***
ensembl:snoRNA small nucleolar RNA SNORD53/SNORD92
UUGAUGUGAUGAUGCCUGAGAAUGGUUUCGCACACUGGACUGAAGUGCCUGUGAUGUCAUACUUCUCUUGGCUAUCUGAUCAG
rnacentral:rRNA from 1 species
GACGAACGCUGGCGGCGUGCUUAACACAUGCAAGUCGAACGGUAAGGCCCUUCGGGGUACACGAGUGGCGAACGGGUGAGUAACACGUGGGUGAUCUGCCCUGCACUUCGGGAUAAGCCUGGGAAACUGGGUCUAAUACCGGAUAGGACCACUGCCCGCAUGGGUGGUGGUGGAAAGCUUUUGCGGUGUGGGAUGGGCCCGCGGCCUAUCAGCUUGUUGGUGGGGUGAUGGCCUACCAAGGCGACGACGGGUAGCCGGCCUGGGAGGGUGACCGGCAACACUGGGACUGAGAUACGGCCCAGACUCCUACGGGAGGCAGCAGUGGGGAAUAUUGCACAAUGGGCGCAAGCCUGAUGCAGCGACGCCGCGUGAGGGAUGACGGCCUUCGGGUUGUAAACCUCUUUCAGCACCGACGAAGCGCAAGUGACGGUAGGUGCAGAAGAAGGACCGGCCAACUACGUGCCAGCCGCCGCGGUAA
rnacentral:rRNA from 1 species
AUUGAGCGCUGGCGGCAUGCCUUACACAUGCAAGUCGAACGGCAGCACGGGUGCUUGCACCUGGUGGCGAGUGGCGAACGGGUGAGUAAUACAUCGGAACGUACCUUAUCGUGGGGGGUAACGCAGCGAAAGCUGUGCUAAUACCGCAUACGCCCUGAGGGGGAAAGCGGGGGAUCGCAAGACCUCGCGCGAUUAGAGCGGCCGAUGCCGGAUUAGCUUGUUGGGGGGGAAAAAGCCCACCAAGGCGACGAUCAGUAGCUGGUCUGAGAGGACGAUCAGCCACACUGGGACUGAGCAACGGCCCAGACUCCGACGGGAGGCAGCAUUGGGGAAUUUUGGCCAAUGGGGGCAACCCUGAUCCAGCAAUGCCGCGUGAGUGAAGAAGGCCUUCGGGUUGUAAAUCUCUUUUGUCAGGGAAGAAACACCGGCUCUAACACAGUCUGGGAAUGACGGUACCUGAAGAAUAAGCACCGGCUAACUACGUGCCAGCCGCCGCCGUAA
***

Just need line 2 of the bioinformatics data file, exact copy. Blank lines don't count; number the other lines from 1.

UUGAUGUGAUGAUGCCUGAGAAUGGUUUCGCACACUGGACUGAAGUGCCUGUGAUGUCAUACUUCUCUUGGCUAUCUGAUCAG